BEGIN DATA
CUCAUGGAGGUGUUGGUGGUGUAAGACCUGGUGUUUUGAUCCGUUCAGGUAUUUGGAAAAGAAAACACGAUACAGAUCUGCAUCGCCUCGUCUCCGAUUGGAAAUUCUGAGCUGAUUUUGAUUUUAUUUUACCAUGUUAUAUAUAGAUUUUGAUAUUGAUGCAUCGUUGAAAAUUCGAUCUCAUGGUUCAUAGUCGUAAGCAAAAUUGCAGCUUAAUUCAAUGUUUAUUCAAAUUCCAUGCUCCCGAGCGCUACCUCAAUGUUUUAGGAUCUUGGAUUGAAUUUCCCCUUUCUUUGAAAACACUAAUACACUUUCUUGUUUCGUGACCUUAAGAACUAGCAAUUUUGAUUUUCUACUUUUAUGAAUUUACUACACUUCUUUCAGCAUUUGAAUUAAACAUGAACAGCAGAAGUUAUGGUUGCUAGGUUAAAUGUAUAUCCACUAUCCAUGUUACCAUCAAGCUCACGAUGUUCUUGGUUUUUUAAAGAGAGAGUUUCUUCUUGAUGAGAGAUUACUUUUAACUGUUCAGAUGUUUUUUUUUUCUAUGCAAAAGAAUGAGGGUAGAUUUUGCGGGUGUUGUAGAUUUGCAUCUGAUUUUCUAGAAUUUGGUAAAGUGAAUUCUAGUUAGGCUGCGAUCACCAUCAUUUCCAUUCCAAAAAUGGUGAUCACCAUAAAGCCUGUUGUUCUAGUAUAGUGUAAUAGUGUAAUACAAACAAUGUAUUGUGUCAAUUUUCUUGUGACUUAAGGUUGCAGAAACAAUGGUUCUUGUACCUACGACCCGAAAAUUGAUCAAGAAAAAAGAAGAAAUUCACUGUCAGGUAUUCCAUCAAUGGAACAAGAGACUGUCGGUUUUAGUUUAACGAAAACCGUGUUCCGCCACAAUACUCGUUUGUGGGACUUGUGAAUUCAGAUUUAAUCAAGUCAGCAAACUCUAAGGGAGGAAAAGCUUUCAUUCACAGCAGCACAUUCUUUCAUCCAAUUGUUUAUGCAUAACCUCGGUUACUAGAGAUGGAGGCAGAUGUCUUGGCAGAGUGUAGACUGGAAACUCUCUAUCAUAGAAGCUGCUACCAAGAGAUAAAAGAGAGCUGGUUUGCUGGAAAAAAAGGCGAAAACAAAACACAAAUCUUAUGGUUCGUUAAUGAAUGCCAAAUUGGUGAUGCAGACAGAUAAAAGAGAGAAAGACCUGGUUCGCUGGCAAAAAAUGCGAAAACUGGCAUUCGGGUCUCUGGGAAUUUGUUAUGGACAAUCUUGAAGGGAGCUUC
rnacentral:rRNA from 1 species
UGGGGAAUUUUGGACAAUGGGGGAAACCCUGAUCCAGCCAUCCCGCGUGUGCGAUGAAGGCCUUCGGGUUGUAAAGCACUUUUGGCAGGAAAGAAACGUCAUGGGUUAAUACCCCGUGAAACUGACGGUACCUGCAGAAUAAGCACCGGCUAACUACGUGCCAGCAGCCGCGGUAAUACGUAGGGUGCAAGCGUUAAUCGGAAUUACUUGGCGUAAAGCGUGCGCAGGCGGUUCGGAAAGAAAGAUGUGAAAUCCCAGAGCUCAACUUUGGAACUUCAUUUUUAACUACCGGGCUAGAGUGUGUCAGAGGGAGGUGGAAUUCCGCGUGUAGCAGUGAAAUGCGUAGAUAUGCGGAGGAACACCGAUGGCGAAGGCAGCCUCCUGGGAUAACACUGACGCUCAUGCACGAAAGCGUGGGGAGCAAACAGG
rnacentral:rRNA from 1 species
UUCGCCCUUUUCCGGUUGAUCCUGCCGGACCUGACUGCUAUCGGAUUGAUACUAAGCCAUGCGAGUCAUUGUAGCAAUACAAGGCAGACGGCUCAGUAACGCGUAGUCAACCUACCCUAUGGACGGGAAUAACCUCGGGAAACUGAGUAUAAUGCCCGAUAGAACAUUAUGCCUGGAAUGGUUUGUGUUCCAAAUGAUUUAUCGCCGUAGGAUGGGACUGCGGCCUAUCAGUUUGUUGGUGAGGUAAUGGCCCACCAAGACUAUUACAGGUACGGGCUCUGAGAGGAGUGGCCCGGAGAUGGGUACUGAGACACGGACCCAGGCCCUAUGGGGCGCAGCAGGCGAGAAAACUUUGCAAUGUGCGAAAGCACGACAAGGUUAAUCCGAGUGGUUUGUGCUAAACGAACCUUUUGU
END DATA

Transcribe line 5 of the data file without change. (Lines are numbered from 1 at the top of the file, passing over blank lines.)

UUCGCCCUUUUCCGGUUGAUCCUGCCGGACCUGACUGCUAUCGGAUUGAUACUAAGCCAUGCGAGUCAUUGUAGCAAUACAAGGCAGACGGCUCAGUAACGCGUAGUCAACCUACCCUAUGGACGGGAAUAACCUCGGGAAACUGAGUAUAAUGCCCGAUAGAACAUUAUGCCUGGAAUGGUUUGUGUUCCAAAUGAUUUAUCGCCGUAGGAUGGGACUGCGGCCUAUCAGUUUGUUGGUGAGGUAAUGGCCCACCAAGACUAUUACAGGUACGGGCUCUGAGAGGAGUGGCCCGGAGAUGGGUACUGAGACACGGACCCAGGCCCUAUGGGGCGCAGCAGGCGAGAAAACUUUGCAAUGUGCGAAAGCACGACAAGGUUAAUCCGAGUGGUUUGUGCUAAACGAACCUUUUGU